Onions & Beets


Mid August is a good time to plant Onions and Beets.

 

When starting crops mid-summer choose varieties with shorter growing cycles.

 

Onions are easy to grow, have fairly short growing periods, take up little space in the home garden and have lots of culinary uses.  Onions are as hardy as they come. Frosts, freezing temperatures, and even snow will not kill them.  There are lots of kinds to choose from.

 

Onion seeds do need to be bought fresh each year. Their germination rates do not last more than one year so don't plan all of your harvest around last years' seed.  Sow seed in full sun in well-drained rich soft soil or loam.  Thin to 3 to 4 inches apart in rows 6 to 10 inches apart.  Keep the beds well weeded and watered, at least 1 inch per week. Pull onions when the tops have fallen over and have a paper-like skin. Rinse off the dirt and let the onions dry for a few days. Then, cut the tops and roots off the onion. Allow the cuts to air dry for two or three more days. This will help to seal the onion and avoid pre-mature spoiling.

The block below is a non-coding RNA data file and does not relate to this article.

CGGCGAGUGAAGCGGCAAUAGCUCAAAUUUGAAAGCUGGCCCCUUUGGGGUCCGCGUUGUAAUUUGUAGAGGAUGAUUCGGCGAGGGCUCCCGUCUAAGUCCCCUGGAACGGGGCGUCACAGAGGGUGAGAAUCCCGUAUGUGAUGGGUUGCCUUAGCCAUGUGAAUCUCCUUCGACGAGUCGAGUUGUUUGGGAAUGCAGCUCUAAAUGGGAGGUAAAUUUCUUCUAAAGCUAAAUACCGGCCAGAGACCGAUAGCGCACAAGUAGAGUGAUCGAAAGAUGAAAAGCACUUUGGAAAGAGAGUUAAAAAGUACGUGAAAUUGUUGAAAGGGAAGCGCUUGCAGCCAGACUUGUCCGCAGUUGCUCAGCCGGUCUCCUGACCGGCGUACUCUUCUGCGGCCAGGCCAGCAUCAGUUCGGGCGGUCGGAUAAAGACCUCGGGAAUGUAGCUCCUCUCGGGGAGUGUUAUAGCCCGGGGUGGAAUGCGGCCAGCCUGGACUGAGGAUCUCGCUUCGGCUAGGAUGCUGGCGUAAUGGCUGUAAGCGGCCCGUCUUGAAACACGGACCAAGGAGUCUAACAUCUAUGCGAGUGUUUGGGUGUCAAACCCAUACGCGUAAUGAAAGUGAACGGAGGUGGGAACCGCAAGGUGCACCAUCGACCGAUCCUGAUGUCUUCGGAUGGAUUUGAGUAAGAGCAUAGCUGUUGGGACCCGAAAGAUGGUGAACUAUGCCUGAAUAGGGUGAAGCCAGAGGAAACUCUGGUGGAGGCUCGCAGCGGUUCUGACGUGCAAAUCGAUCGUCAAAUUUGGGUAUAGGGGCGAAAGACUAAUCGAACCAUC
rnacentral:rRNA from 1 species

Beets are easy to grow. Beets don’t take up a lot of space, and do well in small gardens or containers.  They enjoy cool weather and loose, well-drained, alkaline soils. Beets can be planted late summer and will tolerate light frost.  Plant in full sun. Sow seeds 1 to 1 1/2 inches deep and 1 inch apart. Cover seeds with 1/2 to 3/4- inches of soil.   Thin seedlings to stand 1-1/2 to 2 inches apart 10 to 14 days after emergence. A month later thin plants to about 4 inches apart.

 

Harvest beets before the roots reach 3 inches in diameter or the plants will become woody and lose flavor. You can harvest small, tender leaves once the plant is established, but never take more than 1/3 of the plants leaves at any one time.

 

Always follow the directions on seed packets or plant tags for your specific plant variety.  For more information on summer planting